Very early, well before Charlie and the Bataclan, he saw everything: multiculturalism and militant anti-racism combined with mass immigration, the reduction of the history of France to its "darkest hours", individualism consumerist exacerbated by so-called happy globalization, had to compromise the assimilation of newcomers and fuel the fire of identity. Retrospectively, French Suicide (2014) appears in every respect prophetic. His phenomenal success (500,000 copies sold) proves that he echoed the deep anguish that inhabited many French people. But as Nicolas de Chamfort said: "In France, those who set fire and persecute those who sound the tocsin are allowed to rest." As long as the Parisian salons thought they could ridicule him, Zemmour was tolerated. As Michel Onfray noted it in FigaroVox with his sense of the usual formula: "Invited at the end of the table for dinner cons, yes, but Eric Zemmour returned the situation and showed the whole table that the con, it was not him ..." They did not forgive him. Nourished with Balzac's milk, Zemmour had learned "to know men and women, to fear and be wary of them, to expect nothing from them except envy and pettiness." He was not unaware, besides, that "controversy is the pedestal of celebrities" (Lost Illusions). He sometimes gave in to the risk of lending the flank to the caricatures. It must also be said that nothing was spared him: neither the repeated trials nor the most delusional calumnies. One day he is presented as a Zionist, following him as an anti-Semite. Designated as Islamophobic in the morning, portrayed as an Islamist in the evening. Some want to silence him by all means. The release of his book of chronicles, A quinquennium for nothing (2016), is torpedoed. Its space of expression is reduced from year to year: in spite of hearings at the top, i-Télé suddenly dismisses it in December 2014, today RTL withdraws its editorial ...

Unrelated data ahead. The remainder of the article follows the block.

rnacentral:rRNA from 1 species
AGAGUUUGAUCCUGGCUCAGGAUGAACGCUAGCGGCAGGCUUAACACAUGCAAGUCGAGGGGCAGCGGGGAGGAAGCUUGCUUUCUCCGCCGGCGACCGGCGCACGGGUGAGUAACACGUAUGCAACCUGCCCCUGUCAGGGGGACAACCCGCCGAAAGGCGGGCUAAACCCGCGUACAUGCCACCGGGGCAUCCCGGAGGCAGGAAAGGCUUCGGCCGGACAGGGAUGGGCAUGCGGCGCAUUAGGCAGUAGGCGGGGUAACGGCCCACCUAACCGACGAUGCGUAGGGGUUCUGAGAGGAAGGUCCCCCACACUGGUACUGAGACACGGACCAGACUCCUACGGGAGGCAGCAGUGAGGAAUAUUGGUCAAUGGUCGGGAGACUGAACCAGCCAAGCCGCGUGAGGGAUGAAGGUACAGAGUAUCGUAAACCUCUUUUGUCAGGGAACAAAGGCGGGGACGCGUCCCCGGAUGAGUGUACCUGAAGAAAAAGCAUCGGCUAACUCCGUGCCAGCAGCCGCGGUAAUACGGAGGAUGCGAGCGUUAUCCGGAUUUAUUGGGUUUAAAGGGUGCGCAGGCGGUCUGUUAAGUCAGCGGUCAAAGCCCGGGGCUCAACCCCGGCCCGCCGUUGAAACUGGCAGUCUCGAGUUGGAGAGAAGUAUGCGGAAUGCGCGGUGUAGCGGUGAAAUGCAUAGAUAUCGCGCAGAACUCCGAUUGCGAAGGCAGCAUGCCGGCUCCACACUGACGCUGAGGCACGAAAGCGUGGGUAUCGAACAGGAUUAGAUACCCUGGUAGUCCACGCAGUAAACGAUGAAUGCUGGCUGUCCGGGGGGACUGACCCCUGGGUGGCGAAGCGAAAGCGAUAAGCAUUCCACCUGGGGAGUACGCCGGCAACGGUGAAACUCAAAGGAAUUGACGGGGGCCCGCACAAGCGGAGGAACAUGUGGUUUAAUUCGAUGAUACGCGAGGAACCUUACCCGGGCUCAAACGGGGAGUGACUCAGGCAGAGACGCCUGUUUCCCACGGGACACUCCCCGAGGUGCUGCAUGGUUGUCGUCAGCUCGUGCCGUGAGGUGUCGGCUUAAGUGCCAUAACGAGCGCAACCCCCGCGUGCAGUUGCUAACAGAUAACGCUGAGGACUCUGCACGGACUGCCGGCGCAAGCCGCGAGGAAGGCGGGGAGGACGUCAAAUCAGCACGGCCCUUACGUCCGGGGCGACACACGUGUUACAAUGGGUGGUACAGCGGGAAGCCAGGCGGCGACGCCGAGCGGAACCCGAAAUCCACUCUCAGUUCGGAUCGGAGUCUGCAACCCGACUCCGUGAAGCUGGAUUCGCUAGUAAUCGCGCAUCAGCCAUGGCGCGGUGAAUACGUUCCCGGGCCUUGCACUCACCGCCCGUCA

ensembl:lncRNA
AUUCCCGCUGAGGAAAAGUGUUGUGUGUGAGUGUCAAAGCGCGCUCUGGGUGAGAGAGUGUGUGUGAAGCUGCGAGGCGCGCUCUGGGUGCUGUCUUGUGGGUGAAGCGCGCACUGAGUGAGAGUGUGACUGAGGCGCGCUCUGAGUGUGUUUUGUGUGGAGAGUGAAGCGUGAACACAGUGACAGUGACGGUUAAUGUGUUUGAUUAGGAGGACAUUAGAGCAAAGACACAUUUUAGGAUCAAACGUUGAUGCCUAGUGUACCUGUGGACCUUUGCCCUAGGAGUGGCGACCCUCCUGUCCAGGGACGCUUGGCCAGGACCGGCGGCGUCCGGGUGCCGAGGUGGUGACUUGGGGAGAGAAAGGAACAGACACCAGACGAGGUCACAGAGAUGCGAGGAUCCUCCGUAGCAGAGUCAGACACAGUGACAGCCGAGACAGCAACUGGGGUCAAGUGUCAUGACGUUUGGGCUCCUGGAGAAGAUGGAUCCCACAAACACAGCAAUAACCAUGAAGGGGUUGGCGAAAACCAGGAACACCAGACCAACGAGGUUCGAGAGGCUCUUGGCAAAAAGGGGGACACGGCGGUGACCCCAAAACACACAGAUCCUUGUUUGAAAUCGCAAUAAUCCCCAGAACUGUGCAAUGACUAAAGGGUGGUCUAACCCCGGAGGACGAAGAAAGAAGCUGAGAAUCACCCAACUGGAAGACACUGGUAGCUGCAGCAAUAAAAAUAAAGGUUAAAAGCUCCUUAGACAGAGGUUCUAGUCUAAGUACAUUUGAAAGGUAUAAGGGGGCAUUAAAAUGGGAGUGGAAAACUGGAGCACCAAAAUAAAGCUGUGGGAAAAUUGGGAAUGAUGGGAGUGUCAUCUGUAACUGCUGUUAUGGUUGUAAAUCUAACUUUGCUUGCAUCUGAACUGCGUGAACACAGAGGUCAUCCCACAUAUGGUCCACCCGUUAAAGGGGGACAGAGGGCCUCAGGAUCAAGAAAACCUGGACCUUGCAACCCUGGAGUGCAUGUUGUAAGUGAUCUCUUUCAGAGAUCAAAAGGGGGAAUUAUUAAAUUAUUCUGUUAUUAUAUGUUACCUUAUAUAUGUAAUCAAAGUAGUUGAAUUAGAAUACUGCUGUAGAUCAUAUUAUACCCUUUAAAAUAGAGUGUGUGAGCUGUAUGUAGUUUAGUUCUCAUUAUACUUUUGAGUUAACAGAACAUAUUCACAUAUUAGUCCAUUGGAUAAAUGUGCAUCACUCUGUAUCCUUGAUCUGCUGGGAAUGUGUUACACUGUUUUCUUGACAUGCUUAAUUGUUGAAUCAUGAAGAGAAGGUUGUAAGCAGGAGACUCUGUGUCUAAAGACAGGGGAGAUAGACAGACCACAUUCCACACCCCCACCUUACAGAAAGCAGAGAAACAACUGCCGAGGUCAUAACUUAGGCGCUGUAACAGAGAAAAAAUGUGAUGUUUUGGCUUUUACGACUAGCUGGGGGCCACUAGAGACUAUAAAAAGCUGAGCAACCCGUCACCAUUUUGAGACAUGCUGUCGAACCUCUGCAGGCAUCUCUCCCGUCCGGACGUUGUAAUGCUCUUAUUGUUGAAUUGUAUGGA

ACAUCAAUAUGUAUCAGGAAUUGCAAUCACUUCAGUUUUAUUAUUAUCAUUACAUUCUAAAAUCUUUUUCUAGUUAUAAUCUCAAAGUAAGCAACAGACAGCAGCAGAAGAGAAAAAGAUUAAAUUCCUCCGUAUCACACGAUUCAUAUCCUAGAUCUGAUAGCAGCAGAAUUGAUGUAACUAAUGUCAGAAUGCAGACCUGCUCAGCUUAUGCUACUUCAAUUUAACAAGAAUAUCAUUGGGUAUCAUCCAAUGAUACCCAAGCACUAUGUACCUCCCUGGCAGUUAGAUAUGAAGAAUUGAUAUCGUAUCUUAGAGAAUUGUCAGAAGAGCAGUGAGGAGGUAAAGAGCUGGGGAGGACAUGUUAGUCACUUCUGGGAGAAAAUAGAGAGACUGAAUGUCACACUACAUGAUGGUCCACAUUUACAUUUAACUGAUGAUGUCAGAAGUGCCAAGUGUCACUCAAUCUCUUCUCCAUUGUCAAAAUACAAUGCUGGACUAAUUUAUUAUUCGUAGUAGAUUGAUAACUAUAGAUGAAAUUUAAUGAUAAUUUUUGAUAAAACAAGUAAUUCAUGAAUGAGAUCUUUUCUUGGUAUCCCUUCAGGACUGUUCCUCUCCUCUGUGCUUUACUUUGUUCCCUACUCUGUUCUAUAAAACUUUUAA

The trap is close to closing on him. Zemmour could have fired any wood. On the contrary, it avoids outbidding. Understands that he must not become a talk show figure and is becoming rare. Like the Count of Monte Cristo, he meditates his revenge. It will take the form of French destinylishhis work is both the most personal and the most accomplished. He could have done the following French suicide. On the contrary, he chose to write the book of genesis. His own genesis and that of France today. Suicide ... told the forty years that defeated France; Destiny ... revisits the thousand and five hundred years that made the Great Nation. A titanic job that took him three and a half years. A meticulous Stakhanovist, Zemmour rewrote every chapter dozens of times. With breath and style, he confronts his masters: Michelet, Bainville, Taine. But also because France is a literary nation, Bossuet, Voltaire, Rousseau, Hugo and of course Balzac.